I had an LX at one time. Back in the early days of home computers I sold the LX to finance 364 K of memory!!. Wish I hadn't done that. The LX was a sweet machine, although I always preferred Nikkor lenses to the later Pentax glass.
Computer memory prices: years ago I upgraded my father's 8086 (??) from 512kb to 1mb - cost over £100. Now that same figure will buy about 24gb of computer memory. A 100mb hard drive about ten years ago was also about £100 - now for the same amount you can buy a 2tb drive.
Yep. I paid $495 for a 20 MEG hard drive. The really sad part is the money came from selling some of the initial stock issue of Microsoft. If I had held onto that stock, there was a time when it would have been worth $3.5 million.!!!!!! (My wife doesn't like it when I bring that up).
A 35 mm motion picture camera and few sweet primes for it
Because I like filming as well. Did ( and still do ) a lot of stuff on digital, but it's not the same For documentaries and filming nature, digital is wonderful but for narrative films, I like film. I don't want to use a lot of computer graphics anyway.
I am working in the movie- and TV-industrie and it is horrible, how people work meanwhile Especially for TV, they just use HD camcorders ( at least here in Japan ) ... not even DSLRs. A depth of field from here to the moon and no effort in creating a decent lighting anymore. Yeah ... we can shoot at ISO 3200 now
I could always cry, watching them wasting a huge budget and recording everything with a camcorder on tape. But if you look at the young generation of cameramen and directors here, they don't even know, what's an aperture or depth of field anymore. If you can barely hold the camera steady, you're the man
Plus ... make up artists are having a hard time meanwhile as well. There is a famous Samurai TV series, continued for decades. The first seasons have been shot on film of course. Brilliant lighting, the evil characters half in the shadow and the make up looked pretty real. The last seasons do look just terrible. Make Up and costumes look like from a carnival party even they are basically the same. Well ... it's not a production like "Pirates of the carribean" of course ... but "creating illusions" on a smaller budget has been actually easier if using real film. If I look at the original STAR TREK series from the 60s ... how would the sets have looked, shot on a camcorder ... just ridiculous, I guess
Film is an "eternal format" as well. So many TV productions shot on video in the past do look absolutely crappy on a big TV now, but you can still enjoy "Gone with the wind" in BluRay quality ... or maybe even on a 4K TV in the future if scanned properly. HD is basically nothing more than 3 MegaPixel while 35 mm film can be scanned at a ten times higher resolution. Just a few years ago, we had 640x480, which has the size of a stamp, displayed on a computer monitor of today.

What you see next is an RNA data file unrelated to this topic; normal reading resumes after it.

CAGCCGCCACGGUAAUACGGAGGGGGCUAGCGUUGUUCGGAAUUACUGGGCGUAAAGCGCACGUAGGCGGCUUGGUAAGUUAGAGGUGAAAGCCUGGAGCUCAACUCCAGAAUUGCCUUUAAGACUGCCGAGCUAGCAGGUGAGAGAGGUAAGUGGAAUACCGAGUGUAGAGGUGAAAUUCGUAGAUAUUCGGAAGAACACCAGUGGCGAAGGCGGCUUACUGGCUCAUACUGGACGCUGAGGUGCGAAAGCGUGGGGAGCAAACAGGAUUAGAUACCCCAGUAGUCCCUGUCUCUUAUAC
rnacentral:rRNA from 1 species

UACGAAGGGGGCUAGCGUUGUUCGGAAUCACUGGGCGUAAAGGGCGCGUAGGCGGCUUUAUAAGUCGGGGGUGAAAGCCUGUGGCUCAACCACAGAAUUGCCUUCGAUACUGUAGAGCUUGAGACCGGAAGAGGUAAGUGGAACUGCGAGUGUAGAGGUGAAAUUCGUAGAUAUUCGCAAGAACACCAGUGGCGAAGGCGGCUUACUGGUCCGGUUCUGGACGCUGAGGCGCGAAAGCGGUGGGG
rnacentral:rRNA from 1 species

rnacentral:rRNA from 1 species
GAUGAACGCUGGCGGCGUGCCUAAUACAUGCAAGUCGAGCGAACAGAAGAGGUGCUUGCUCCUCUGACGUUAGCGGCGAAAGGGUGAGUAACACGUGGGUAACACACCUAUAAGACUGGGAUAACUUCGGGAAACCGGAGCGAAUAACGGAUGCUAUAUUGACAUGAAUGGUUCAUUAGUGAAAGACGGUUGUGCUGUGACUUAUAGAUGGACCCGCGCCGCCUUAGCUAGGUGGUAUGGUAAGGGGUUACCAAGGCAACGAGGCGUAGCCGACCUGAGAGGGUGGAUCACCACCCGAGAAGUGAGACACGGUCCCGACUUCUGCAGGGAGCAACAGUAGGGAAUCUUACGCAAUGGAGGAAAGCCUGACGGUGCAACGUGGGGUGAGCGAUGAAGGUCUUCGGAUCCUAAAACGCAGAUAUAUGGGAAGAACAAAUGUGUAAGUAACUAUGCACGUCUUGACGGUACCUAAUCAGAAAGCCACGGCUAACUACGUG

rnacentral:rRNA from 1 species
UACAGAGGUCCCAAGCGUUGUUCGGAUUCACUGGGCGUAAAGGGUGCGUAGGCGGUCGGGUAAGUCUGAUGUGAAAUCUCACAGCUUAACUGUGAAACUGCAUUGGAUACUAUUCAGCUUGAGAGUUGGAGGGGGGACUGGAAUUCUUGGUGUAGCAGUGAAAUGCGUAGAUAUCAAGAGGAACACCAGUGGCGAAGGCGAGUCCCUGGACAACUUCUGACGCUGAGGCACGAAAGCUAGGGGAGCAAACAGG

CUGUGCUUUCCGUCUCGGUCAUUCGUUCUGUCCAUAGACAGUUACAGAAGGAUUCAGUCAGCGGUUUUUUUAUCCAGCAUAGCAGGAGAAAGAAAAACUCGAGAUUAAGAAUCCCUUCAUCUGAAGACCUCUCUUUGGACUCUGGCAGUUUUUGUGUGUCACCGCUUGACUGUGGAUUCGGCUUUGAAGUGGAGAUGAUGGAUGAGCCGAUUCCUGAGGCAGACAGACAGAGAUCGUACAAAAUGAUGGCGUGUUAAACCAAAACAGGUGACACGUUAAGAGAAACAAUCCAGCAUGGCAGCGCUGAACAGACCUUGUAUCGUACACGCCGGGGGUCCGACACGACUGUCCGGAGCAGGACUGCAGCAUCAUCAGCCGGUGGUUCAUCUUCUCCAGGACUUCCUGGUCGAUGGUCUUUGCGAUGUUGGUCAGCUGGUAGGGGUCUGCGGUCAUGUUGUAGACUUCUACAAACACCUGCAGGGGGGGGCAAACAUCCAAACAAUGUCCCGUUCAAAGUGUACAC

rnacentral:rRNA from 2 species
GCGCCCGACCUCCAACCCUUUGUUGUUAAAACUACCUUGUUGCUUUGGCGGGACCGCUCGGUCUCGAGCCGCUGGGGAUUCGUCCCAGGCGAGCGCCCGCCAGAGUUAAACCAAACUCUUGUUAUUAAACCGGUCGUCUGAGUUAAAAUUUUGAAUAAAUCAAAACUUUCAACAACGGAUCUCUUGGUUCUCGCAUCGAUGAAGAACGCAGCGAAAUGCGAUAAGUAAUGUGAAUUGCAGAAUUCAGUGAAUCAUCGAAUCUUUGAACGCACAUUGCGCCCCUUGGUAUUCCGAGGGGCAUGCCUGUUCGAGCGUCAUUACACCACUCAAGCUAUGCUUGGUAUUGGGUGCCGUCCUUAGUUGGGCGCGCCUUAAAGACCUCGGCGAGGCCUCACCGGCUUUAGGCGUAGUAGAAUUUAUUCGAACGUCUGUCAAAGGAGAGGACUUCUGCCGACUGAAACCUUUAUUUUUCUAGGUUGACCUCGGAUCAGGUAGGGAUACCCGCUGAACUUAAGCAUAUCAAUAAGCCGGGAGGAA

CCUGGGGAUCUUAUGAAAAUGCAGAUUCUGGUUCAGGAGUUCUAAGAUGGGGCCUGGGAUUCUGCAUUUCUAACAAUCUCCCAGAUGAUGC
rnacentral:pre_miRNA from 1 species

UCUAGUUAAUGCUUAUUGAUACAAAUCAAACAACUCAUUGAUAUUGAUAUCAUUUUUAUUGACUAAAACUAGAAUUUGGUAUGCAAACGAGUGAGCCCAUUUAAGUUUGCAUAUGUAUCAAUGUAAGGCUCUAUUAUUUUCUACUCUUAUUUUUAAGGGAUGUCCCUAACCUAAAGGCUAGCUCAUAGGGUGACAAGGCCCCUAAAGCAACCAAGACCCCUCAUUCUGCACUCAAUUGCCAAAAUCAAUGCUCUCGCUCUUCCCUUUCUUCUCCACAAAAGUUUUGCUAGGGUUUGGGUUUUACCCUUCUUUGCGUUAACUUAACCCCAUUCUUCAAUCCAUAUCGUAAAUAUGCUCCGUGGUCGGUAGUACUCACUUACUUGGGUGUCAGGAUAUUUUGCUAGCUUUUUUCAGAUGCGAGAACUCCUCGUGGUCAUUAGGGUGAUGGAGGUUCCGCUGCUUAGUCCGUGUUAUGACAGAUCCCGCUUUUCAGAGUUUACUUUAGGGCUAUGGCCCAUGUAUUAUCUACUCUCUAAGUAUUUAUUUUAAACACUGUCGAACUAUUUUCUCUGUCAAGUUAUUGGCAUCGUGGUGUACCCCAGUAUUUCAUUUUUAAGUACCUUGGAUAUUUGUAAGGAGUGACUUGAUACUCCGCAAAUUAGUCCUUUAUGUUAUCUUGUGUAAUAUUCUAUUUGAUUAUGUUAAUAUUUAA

A lot of good reasons, putting a 35 mm motion picture camera on the "if money is no issue" list ... at least for me But even in general ... movie- and TV-productions are so expensive, that it doesn't make any sense for me, saving a few dollars on the camera and getting the film developed is probably less than one per mill of the budget.
On the other hand digital is becoming better - at a faster rate of knots than film developed. My camera will shoot 18megapixel at 9 fps. It won't be long before a camera comes out that will shoot at the 'normal' cine speed of 24 fps with 35mm quality.
Don't forget that most amateur cine film was shot on 8mm. The old standard 8 was 16mm film split after filming (the spool was turned round in the camera to shoot the second half). Super 8 came in later which gave an increase of frame size of several percent. Of course some used 9.5 mm, especially in France. 16 mm was for the serious amateur. Camcorders have already passed 8mm cine in most parameters. For the non-technically minded, digital is much lower maintenance than cine ever was and significantly easier for in terms of having synced sound. A loss in perceived visual quality is more than made up for by the improvements in other directions.
In the end it is not the media (i.e. digital) itself which is the problem but the skill of those using it and what the producers are prepared to spend.
Digital is just too easy to use. Much less thought and expertise s necessary than was the case with film. Not being able to hold the camera still began with film, some claiming that it was more realistic. For me the movie camera should neither pan nor zoom: scene changes should be 'cut to'. However, there comes a point when it is more important to just get what is happening recorded as it happens. It is often not possible to stop the action and do another take, nor have a two (or more) camera shoot.